Before embarking on this project, however, we should look at the "return on investment" aspect with a bit more depth. For most people, it will be important to have a general idea of how much insulation should be put in, and how much they will save.
Is This Project 'Worth It'?The good news is that you can actually pretty clearly calculate the affect that adding attic insulation will have. The National Weather Service calculates climatic numbers that can be used in this calculation. These numbers, called Heating Degree Days and Cooling Degree Days, measure how extreme your winters and summers are by measuring how often and how much you deviate from 65 degrees. These values directly relate to how much you need to heat and cool a home.
You can look up your HDD and CDD numbers at the weatherdatadepot site.
Next, you need to know how much insulation you have in terms of R-value, and the surface area of your attic. Combine that with your electricity costs per KwH and your natural gas costs per therm, you can use a calculator to determine savings achieved for different R-values, and even calculate the return on investment.
I've calculate the ROI's for several climates reflective of the USA. The calculations below were assuming a 1125 sq feet attic space, a starting R-value of R-20, electric cooling at 9 cents per KwH, and natural gas heating at 90 cents/therm. The heating and cooling systems were assumed to be typical year 2000 efficiency.
|City||HDD/CDD||Savings at R-value of 30||Savings at R-Value of 40||Savings at R-value of 49|
At current costs, using the 1125 square foot attic space example from above, it would cost $197 to upgrade from R20 to R30; $394 from R20 to R40, and $562 from R20 to R49. The worst-case example from above would require 10 years to payback an R20 to R30 upgrade ASSUMING NO INCREASES in utility costs, where as the best case example would take 5 years. After that, it is pure profit.
How Much Insulation Should I Have?The best place to start is the Department of Energy site, which has a map. The most mild climates in the lower 48 are recommended to have R30 to R60, while some of the northeast and northern plains are recommended as much as R49 as a minimum. From my calculations, R40 seems to be worthwhile in almost every climate, and R49 a must in extreme climates.
As was discussed in part 1, your existing insulation's R-value can be calculated by determining what type of insulation you have. Simply measure the depth of the insulation in four or five spots in your attic, and take the average depth. Then, using the table in part I, take the R-value for that type of insulation and multiply it by your average depth. For example, 8 inches of loose-fill fiberglass would result in an R-value of 20.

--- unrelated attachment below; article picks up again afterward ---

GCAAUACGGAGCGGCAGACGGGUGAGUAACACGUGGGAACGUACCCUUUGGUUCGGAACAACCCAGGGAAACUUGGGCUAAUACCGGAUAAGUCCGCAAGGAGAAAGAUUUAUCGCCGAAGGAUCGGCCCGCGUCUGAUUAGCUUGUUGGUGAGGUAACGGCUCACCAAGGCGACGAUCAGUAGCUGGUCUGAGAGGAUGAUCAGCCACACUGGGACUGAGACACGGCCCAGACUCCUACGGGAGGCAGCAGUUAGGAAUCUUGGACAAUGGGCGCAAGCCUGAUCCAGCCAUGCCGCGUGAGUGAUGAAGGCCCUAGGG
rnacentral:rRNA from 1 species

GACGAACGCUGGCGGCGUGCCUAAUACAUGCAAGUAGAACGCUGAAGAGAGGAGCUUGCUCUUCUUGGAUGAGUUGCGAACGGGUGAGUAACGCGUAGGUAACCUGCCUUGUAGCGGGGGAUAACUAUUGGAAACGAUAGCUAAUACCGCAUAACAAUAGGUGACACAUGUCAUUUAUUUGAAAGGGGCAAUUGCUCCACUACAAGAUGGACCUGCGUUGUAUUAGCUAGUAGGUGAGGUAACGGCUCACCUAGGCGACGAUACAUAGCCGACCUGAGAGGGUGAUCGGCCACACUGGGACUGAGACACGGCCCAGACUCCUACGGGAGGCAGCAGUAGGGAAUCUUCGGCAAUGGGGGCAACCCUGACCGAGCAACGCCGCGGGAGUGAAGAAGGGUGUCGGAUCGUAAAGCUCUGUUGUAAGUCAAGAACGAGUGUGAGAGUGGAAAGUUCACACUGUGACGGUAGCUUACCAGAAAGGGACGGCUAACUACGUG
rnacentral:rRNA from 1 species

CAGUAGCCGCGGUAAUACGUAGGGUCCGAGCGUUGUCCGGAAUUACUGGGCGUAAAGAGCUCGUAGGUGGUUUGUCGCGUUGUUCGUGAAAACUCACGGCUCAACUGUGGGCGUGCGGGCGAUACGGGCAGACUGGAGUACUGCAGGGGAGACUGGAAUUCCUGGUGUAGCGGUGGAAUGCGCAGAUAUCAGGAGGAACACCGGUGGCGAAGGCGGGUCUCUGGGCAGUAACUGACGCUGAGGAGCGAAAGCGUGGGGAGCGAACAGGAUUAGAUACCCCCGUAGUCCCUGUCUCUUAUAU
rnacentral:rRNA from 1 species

Using the Department of Energy site I mentioned above, you can roughly calculate a target amount. As mentioned above, R40 or R49 are good targets (note that you have diminishing returns as you add more insulation). If R40 is your target, then you need to purchase another R20 worth of insulation (since you already have R20.
How Much Insulation Should I Buy?Most stores will help you calculate this so long as you can tell them the rough square footage of your attic, your target R value, and your current R value. For example, a 45x25 attic space results in 1125 square feet. Home Depot's GreenFiber Cellulose insulation comes in bags that will cover 58 square feet at a depth of R10. You'd need two bags for R20 coverage at 58 sq feet, so the math would be:
1125 / 58 * 2 = 39 bags (rounded up)
The calculator below is written with Home Depot's GreenFiber cellulose as the model, assuming a 58 sq foot coverage of R10.
How Do I Install Blow-in Insulation?Lowes and Home Depot will lend you a blower machine with a minimum purchase (usually $100 or $200). Installation is a two-person job - one needs to feed the machine, and one will be in the attic blowing. I found that having the feeder feed two bags, then pausing a minute before feeding two more worked well. The pause gave me time to move to a new corner of the attic. It helps to plan your actions - i.e. where you will start, where you will move to, and where you'll be able to get good footing (or seating).
When working in the attic, be aware of nails and other sharp objects. Wear a particle mask and goggles, and use a head lamp and/or utility lamp for lighting. Long pants and long sleeves are a must, and heavy gloves may be helpful if you are concerned about nails and sharp objects.
Take care to only sit on joists - drywall cannot support an adult's weight. Additionally, in some houses there will be obstacles that should not have insulation touching due to fire hazard. For example, so 'can lights' must have a barrier between the light fixture (which gets quite hot) and the insulation. i strongly recommend to review the Energy Star DIY guide before starting.
If you do have old can lights that require an insulation barrier, you basically have holes in your insulation that are extremely inefficient. You may want to consider upgrading to an air tight fixture.
Before you begin it makes sense to look for areas of air infiltration and seal them. Insulation that is stained or particularly discolored is a good sign of infiltration. Caulk and large gap sealer may be necessary. When caulking around light fixture penetrations or other heat sources, be certain to use fire-rated caulk. If you have ducts in your attic, check them for gaps and tears, and fix them as well. Note that most duct tape is not a very good sealer, so be sure to get a product designed for sealing, not just taping.